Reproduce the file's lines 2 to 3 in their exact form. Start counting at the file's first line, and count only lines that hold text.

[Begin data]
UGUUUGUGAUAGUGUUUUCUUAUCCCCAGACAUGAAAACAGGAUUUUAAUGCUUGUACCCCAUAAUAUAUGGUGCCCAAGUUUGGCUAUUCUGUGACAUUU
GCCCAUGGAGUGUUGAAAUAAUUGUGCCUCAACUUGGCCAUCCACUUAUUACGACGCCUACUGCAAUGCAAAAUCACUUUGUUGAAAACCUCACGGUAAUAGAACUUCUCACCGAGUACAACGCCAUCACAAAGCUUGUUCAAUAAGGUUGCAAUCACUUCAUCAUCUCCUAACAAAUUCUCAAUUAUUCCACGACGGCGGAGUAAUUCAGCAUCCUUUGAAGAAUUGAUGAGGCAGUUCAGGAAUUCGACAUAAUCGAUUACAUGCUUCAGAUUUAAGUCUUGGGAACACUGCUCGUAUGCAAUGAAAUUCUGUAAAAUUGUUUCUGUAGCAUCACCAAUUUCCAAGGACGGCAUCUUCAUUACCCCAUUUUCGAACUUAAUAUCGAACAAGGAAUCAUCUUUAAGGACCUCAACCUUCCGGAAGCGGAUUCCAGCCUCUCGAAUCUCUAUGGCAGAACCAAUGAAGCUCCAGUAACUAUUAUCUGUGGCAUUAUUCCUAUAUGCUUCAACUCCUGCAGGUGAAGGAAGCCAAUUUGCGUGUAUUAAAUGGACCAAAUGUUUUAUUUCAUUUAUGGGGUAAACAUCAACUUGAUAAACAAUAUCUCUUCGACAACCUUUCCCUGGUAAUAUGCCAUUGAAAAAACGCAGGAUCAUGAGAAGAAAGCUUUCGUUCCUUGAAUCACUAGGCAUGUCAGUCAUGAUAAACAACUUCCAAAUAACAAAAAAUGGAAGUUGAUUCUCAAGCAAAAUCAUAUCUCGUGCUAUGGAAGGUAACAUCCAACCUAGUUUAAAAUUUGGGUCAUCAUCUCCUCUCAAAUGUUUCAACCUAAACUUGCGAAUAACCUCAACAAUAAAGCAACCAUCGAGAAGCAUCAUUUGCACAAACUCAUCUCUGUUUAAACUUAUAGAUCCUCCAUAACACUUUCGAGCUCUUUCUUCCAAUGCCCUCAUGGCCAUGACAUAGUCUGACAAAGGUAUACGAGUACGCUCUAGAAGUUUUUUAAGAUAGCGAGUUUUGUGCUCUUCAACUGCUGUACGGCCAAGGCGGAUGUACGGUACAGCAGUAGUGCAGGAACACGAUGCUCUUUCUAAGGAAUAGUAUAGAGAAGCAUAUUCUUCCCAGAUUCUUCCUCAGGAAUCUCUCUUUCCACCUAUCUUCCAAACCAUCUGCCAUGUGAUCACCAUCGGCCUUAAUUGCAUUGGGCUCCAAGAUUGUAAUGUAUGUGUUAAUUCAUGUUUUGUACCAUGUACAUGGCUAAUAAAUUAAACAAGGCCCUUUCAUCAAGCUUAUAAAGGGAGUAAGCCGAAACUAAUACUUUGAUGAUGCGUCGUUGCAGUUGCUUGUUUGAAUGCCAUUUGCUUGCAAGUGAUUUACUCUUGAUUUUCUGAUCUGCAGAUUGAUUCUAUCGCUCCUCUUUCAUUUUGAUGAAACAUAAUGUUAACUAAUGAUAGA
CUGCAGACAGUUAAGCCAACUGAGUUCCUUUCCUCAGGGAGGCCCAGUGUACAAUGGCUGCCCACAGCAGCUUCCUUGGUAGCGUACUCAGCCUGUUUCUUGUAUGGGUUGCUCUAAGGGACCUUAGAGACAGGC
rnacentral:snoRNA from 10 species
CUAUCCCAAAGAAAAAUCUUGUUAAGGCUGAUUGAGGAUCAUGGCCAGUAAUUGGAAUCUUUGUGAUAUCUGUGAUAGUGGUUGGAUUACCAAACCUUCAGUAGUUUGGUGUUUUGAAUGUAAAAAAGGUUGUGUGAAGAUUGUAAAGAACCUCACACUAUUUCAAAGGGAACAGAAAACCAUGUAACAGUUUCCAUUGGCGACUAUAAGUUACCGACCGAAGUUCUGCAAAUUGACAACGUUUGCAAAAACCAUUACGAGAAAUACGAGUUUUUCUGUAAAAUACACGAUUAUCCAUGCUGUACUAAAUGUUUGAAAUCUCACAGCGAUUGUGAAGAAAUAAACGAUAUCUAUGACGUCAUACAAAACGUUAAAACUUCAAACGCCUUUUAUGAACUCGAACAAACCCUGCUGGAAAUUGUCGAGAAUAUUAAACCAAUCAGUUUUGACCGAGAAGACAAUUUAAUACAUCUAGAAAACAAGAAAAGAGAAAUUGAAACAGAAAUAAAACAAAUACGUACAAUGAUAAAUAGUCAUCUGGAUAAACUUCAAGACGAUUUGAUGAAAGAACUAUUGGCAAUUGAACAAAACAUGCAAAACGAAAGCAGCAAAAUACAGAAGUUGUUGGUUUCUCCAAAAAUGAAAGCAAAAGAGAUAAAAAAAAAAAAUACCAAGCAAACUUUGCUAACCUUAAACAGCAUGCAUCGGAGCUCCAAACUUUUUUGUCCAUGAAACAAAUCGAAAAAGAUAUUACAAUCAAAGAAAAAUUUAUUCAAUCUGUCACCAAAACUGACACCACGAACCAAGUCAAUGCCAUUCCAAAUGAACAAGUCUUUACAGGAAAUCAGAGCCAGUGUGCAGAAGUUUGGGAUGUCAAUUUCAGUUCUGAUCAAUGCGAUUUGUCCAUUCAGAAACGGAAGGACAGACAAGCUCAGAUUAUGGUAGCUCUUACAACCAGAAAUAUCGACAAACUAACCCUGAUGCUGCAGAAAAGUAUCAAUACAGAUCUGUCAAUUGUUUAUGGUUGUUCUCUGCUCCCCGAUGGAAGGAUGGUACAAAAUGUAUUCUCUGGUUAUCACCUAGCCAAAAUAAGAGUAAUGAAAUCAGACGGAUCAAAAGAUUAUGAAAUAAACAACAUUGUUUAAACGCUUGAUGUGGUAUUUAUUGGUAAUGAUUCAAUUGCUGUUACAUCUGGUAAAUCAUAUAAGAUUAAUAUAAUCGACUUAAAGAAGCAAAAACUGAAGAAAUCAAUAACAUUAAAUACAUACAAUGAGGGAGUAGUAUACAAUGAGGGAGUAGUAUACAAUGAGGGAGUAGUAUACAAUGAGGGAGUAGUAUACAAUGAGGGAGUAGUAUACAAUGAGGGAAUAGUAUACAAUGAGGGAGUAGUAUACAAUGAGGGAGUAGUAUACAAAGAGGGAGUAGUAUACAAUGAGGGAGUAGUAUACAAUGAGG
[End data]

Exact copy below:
GCCCAUGGAGUGUUGAAAUAAUUGUGCCUCAACUUGGCCAUCCACUUAUUACGACGCCUACUGCAAUGCAAAAUCACUUUGUUGAAAACCUCACGGUAAUAGAACUUCUCACCGAGUACAACGCCAUCACAAAGCUUGUUCAAUAAGGUUGCAAUCACUUCAUCAUCUCCUAACAAAUUCUCAAUUAUUCCACGACGGCGGAGUAAUUCAGCAUCCUUUGAAGAAUUGAUGAGGCAGUUCAGGAAUUCGACAUAAUCGAUUACAUGCUUCAGAUUUAAGUCUUGGGAACACUGCUCGUAUGCAAUGAAAUUCUGUAAAAUUGUUUCUGUAGCAUCACCAAUUUCCAAGGACGGCAUCUUCAUUACCCCAUUUUCGAACUUAAUAUCGAACAAGGAAUCAUCUUUAAGGACCUCAACCUUCCGGAAGCGGAUUCCAGCCUCUCGAAUCUCUAUGGCAGAACCAAUGAAGCUCCAGUAACUAUUAUCUGUGGCAUUAUUCCUAUAUGCUUCAACUCCUGCAGGUGAAGGAAGCCAAUUUGCGUGUAUUAAAUGGACCAAAUGUUUUAUUUCAUUUAUGGGGUAAACAUCAACUUGAUAAACAAUAUCUCUUCGACAACCUUUCCCUGGUAAUAUGCCAUUGAAAAAACGCAGGAUCAUGAGAAGAAAGCUUUCGUUCCUUGAAUCACUAGGCAUGUCAGUCAUGAUAAACAACUUCCAAAUAACAAAAAAUGGAAGUUGAUUCUCAAGCAAAAUCAUAUCUCGUGCUAUGGAAGGUAACAUCCAACCUAGUUUAAAAUUUGGGUCAUCAUCUCCUCUCAAAUGUUUCAACCUAAACUUGCGAAUAACCUCAACAAUAAAGCAACCAUCGAGAAGCAUCAUUUGCACAAACUCAUCUCUGUUUAAACUUAUAGAUCCUCCAUAACACUUUCGAGCUCUUUCUUCCAAUGCCCUCAUGGCCAUGACAUAGUCUGACAAAGGUAUACGAGUACGCUCUAGAAGUUUUUUAAGAUAGCGAGUUUUGUGCUCUUCAACUGCUGUACGGCCAAGGCGGAUGUACGGUACAGCAGUAGUGCAGGAACACGAUGCUCUUUCUAAGGAAUAGUAUAGAGAAGCAUAUUCUUCCCAGAUUCUUCCUCAGGAAUCUCUCUUUCCACCUAUCUUCCAAACCAUCUGCCAUGUGAUCACCAUCGGCCUUAAUUGCAUUGGGCUCCAAGAUUGUAAUGUAUGUGUUAAUUCAUGUUUUGUACCAUGUACAUGGCUAAUAAAUUAAACAAGGCCCUUUCAUCAAGCUUAUAAAGGGAGUAAGCCGAAACUAAUACUUUGAUGAUGCGUCGUUGCAGUUGCUUGUUUGAAUGCCAUUUGCUUGCAAGUGAUUUACUCUUGAUUUUCUGAUCUGCAGAUUGAUUCUAUCGCUCCUCUUUCAUUUUGAUGAAACAUAAUGUUAACUAAUGAUAGA
CUGCAGACAGUUAAGCCAACUGAGUUCCUUUCCUCAGGGAGGCCCAGUGUACAAUGGCUGCCCACAGCAGCUUCCUUGGUAGCGUACUCAGCCUGUUUCUUGUAUGGGUUGCUCUAAGGGACCUUAGAGACAGGC